Turkey Farm Workers Indicted on Abuse Charges

Three former turkey farm workers who were videotaped stomping on birds' heads and wringing their necks have been indicted on 19 counts of animal abuse, 11 of them felony charges that could carry significant jail time.

Norfolk, Va.-based People for the Ethical Treatment of Animals, which had an undercover operative film the abuse last fall at Aviagen Turkeys Inc. in Lewisburg, said Thursday it believes the felony counts are the most severe such charges that U.S. factory farmers have faced. Farmworkers have in the past been charged with misdemeanor abuse.

PETA's undercover worker also filmed people slamming turkeys into metal cages and bragging about previous abuse.

Click here to watch the video. (WARNING: EXTREMELY GRAPHIC).

Indicted this week were: 25-year-old Walter Lee Hambrick of Fairlea; 33-year-old Scott Alvin White of Second Creek; and 21-year-old Edward Eric Gwinn of Crawley. The prosecutor's office said they will be arraigned Feb. 17 in Greenbrier County Circuit Court.

Each felony charge is punishable by up to five years in jail and up to a $5,000 fine. The misdemeanor charges carry possible sentences of six months and up to $2,000 in fines.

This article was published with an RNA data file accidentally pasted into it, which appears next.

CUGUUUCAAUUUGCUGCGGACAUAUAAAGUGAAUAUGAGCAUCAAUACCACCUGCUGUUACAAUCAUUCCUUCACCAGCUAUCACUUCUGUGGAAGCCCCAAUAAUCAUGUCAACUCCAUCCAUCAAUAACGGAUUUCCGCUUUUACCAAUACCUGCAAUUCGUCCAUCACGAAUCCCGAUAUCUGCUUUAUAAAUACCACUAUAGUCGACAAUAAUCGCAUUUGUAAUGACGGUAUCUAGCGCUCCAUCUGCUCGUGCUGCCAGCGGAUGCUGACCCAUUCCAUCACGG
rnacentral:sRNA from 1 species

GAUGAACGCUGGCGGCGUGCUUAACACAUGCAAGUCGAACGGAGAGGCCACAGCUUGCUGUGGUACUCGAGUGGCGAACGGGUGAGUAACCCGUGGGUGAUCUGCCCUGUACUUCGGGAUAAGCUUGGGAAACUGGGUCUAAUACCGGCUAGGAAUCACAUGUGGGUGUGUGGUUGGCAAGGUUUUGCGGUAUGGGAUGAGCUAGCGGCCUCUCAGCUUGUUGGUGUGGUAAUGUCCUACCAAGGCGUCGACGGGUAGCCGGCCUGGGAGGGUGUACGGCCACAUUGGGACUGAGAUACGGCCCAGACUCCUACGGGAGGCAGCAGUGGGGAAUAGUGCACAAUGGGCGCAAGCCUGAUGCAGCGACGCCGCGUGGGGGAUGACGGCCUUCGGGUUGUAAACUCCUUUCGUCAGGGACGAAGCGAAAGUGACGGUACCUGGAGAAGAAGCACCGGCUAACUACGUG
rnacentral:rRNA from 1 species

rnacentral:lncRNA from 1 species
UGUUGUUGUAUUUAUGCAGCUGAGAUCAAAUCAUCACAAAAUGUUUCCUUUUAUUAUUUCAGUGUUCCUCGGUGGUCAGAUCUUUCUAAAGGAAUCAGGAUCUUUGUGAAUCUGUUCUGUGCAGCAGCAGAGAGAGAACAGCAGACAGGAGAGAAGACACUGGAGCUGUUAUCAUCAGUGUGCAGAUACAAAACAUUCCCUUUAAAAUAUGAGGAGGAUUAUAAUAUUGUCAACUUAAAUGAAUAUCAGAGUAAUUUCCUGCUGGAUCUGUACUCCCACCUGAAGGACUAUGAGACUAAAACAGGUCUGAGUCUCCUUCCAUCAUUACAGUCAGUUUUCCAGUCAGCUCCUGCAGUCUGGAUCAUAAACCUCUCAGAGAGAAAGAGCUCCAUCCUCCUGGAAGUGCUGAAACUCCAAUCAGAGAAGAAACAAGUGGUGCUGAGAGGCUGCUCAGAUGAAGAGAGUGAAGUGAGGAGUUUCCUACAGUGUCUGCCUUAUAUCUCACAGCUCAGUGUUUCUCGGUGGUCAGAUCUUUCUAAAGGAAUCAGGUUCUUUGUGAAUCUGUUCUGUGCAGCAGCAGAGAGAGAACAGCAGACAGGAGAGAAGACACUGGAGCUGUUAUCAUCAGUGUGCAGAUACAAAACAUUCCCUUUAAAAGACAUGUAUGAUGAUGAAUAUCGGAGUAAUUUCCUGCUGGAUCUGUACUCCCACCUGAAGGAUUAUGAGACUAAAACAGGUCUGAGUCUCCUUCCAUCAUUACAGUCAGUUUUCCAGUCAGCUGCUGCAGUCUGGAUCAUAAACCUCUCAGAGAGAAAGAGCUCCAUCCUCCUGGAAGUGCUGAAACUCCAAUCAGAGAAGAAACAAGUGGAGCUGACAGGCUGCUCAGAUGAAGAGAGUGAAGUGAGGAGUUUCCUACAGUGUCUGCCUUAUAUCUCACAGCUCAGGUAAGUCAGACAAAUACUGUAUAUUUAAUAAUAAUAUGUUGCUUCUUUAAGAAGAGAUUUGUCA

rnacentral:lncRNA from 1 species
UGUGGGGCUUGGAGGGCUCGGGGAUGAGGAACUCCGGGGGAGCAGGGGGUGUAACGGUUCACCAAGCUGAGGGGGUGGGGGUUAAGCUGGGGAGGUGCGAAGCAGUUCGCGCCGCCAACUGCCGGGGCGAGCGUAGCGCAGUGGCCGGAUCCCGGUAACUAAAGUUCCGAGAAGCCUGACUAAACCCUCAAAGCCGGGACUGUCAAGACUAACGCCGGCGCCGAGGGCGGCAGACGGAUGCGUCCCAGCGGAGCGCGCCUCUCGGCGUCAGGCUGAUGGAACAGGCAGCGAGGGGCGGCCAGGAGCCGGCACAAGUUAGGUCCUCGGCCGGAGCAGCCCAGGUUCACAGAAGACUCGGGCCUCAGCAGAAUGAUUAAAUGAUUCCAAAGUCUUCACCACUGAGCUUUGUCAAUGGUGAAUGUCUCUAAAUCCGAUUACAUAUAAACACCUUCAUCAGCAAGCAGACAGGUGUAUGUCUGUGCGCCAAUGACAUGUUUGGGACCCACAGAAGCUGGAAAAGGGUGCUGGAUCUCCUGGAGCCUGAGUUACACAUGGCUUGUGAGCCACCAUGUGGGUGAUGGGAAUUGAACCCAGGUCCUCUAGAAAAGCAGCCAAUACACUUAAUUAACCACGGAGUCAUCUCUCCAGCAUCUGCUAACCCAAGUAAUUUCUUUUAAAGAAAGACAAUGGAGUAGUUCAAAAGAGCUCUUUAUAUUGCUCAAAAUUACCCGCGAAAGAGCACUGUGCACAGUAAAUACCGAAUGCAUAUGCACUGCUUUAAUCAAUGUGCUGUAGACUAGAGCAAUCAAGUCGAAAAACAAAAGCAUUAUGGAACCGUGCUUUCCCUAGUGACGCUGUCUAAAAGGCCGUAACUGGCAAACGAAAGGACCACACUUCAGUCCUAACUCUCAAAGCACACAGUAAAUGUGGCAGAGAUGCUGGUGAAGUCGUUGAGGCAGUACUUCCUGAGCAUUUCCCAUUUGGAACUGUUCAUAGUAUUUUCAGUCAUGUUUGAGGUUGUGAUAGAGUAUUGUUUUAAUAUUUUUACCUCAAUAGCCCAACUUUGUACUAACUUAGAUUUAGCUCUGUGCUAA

The Greenbrier County public defender's office said it has not yet been appointed to represent any of the men, and telepone listings for the three couldn't be found.

Aviagen Turkeys Inc., a subsidiary of Alabama-based Aviagen Inc., fired all three workers in November and did not immediately comment on the indictments. When the video was released, however, the company condemned the workers' actions and promised swift action.

A spokeswoman for the National Turkey Federation in Washington, D.C., was out of the office Thursday and could not immediately be reached for comment.

While praising the State Police and prosecutors for taking the case seriously, PETA President Ingrid E. Newkirk also encouraged Americans to find vegetarian substitutes for their protein.

"If anyone at home wants to guarantee that they won't support such cruelty," she said in a prepared statement, "they should leave turkey off the grocery list and try some vegetarian recipes."

In 2004, PETA carried out a similar undercover video sting in West Virginia against Texas-based Pilgrim's Pride at the company's Moorefield plant. The company fired 11 employees, but none were criminally charged.